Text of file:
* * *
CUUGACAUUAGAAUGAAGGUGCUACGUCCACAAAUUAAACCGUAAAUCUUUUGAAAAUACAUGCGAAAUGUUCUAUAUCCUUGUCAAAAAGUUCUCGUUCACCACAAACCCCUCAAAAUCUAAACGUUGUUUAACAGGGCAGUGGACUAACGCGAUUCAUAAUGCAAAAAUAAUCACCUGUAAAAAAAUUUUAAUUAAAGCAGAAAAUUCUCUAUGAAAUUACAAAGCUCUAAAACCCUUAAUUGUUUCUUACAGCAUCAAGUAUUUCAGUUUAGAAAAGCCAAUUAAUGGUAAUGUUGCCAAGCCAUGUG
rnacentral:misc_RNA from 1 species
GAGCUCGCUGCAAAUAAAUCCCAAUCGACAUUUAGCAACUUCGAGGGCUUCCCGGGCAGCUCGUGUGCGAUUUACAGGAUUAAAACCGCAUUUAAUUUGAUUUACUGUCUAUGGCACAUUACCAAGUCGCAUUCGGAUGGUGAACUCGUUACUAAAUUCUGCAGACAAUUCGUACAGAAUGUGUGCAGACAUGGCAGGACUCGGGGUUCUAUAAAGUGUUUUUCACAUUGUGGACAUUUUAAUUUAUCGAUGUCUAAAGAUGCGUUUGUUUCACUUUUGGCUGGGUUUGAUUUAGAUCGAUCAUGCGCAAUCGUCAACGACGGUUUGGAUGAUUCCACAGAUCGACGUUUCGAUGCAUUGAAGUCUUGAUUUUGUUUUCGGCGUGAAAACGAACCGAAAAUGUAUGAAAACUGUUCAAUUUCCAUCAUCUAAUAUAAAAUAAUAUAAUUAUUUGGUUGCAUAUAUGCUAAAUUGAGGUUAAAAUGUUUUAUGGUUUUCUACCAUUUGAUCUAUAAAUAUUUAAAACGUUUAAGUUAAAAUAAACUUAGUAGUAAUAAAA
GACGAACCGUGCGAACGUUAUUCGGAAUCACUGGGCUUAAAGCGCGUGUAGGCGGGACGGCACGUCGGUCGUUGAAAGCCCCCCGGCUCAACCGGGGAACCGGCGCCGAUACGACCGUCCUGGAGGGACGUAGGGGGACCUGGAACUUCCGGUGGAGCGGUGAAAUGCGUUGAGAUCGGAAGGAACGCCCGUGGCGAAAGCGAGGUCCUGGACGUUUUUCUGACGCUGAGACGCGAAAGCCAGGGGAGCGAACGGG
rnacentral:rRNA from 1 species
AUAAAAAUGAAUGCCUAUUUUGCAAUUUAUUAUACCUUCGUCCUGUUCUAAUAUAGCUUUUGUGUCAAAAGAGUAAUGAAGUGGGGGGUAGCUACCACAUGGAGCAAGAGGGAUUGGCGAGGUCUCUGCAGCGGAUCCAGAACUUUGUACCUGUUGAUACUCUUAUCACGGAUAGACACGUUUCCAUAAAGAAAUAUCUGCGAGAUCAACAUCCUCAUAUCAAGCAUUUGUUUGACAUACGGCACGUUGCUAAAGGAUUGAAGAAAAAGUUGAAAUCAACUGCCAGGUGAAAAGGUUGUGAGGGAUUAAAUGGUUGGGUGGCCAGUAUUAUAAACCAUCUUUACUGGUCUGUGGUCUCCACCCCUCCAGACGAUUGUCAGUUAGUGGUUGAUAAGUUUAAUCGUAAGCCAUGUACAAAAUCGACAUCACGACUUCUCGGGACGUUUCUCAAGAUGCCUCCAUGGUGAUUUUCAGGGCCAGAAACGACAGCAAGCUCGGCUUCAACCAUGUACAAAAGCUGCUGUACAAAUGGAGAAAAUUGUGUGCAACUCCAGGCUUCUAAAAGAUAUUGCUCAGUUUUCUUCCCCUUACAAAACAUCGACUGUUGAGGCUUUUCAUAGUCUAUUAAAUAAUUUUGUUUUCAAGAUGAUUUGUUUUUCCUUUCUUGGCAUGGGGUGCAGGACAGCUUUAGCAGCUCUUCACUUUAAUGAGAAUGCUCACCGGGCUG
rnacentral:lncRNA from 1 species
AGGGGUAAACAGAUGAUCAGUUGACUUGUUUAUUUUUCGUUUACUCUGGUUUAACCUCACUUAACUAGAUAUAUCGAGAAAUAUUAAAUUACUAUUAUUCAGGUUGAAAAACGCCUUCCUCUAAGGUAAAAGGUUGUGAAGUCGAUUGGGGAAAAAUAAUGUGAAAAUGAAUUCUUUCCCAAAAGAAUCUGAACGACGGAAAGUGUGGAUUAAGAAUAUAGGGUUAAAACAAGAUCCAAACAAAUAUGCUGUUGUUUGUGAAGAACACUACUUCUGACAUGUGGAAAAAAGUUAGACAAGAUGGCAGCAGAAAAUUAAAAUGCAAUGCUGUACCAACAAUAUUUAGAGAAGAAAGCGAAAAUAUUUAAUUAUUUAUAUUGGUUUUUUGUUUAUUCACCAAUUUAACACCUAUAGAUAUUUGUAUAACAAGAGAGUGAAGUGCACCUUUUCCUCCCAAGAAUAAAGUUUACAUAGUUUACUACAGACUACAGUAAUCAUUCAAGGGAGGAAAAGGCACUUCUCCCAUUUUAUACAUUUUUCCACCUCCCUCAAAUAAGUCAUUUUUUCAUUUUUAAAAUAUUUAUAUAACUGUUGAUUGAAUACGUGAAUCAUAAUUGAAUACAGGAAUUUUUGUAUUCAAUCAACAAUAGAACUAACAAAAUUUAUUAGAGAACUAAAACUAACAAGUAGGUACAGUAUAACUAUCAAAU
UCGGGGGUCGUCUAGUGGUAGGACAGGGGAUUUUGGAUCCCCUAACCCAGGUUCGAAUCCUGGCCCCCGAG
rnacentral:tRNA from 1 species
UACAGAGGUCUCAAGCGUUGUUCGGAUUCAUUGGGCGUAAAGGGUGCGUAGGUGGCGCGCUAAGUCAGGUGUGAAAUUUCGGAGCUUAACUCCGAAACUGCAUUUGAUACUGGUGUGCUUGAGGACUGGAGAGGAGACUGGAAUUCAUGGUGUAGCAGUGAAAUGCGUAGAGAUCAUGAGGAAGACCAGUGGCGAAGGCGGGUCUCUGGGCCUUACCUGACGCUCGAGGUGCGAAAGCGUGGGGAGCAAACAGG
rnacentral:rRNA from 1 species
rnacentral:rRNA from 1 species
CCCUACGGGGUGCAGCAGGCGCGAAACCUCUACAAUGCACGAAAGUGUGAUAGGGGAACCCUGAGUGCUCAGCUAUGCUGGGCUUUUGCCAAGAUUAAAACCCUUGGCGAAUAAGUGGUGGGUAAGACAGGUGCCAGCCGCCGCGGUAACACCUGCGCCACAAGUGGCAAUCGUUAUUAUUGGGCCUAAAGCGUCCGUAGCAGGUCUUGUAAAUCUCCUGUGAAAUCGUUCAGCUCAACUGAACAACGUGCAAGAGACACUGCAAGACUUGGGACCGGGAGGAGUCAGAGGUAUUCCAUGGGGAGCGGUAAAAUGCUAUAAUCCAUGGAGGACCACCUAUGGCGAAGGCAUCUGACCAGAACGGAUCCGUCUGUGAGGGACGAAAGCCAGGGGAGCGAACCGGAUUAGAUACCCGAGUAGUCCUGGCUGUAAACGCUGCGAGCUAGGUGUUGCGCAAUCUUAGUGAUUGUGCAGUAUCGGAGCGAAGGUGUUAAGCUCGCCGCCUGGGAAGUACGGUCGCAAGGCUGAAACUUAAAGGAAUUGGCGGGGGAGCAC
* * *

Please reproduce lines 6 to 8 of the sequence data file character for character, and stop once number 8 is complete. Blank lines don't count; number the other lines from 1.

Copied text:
AUAAAAAUGAAUGCCUAUUUUGCAAUUUAUUAUACCUUCGUCCUGUUCUAAUAUAGCUUUUGUGUCAAAAGAGUAAUGAAGUGGGGGGUAGCUACCACAUGGAGCAAGAGGGAUUGGCGAGGUCUCUGCAGCGGAUCCAGAACUUUGUACCUGUUGAUACUCUUAUCACGGAUAGACACGUUUCCAUAAAGAAAUAUCUGCGAGAUCAACAUCCUCAUAUCAAGCAUUUGUUUGACAUACGGCACGUUGCUAAAGGAUUGAAGAAAAAGUUGAAAUCAACUGCCAGGUGAAAAGGUUGUGAGGGAUUAAAUGGUUGGGUGGCCAGUAUUAUAAACCAUCUUUACUGGUCUGUGGUCUCCACCCCUCCAGACGAUUGUCAGUUAGUGGUUGAUAAGUUUAAUCGUAAGCCAUGUACAAAAUCGACAUCACGACUUCUCGGGACGUUUCUCAAGAUGCCUCCAUGGUGAUUUUCAGGGCCAGAAACGACAGCAAGCUCGGCUUCAACCAUGUACAAAAGCUGCUGUACAAAUGGAGAAAAUUGUGUGCAACUCCAGGCUUCUAAAAGAUAUUGCUCAGUUUUCUUCCCCUUACAAAACAUCGACUGUUGAGGCUUUUCAUAGUCUAUUAAAUAAUUUUGUUUUCAAGAUGAUUUGUUUUUCCUUUCUUGGCAUGGGGUGCAGGACAGCUUUAGCAGCUCUUCACUUUAAUGAGAAUGCUCACCGGGCUG
rnacentral:lncRNA from 1 species
AGGGGUAAACAGAUGAUCAGUUGACUUGUUUAUUUUUCGUUUACUCUGGUUUAACCUCACUUAACUAGAUAUAUCGAGAAAUAUUAAAUUACUAUUAUUCAGGUUGAAAAACGCCUUCCUCUAAGGUAAAAGGUUGUGAAGUCGAUUGGGGAAAAAUAAUGUGAAAAUGAAUUCUUUCCCAAAAGAAUCUGAACGACGGAAAGUGUGGAUUAAGAAUAUAGGGUUAAAACAAGAUCCAAACAAAUAUGCUGUUGUUUGUGAAGAACACUACUUCUGACAUGUGGAAAAAAGUUAGACAAGAUGGCAGCAGAAAAUUAAAAUGCAAUGCUGUACCAACAAUAUUUAGAGAAGAAAGCGAAAAUAUUUAAUUAUUUAUAUUGGUUUUUUGUUUAUUCACCAAUUUAACACCUAUAGAUAUUUGUAUAACAAGAGAGUGAAGUGCACCUUUUCCUCCCAAGAAUAAAGUUUACAUAGUUUACUACAGACUACAGUAAUCAUUCAAGGGAGGAAAAGGCACUUCUCCCAUUUUAUACAUUUUUCCACCUCCCUCAAAUAAGUCAUUUUUUCAUUUUUAAAAUAUUUAUAUAACUGUUGAUUGAAUACGUGAAUCAUAAUUGAAUACAGGAAUUUUUGUAUUCAAUCAACAAUAGAACUAACAAAAUUUAUUAGAGAACUAAAACUAACAAGUAGGUACAGUAUAACUAUCAAAU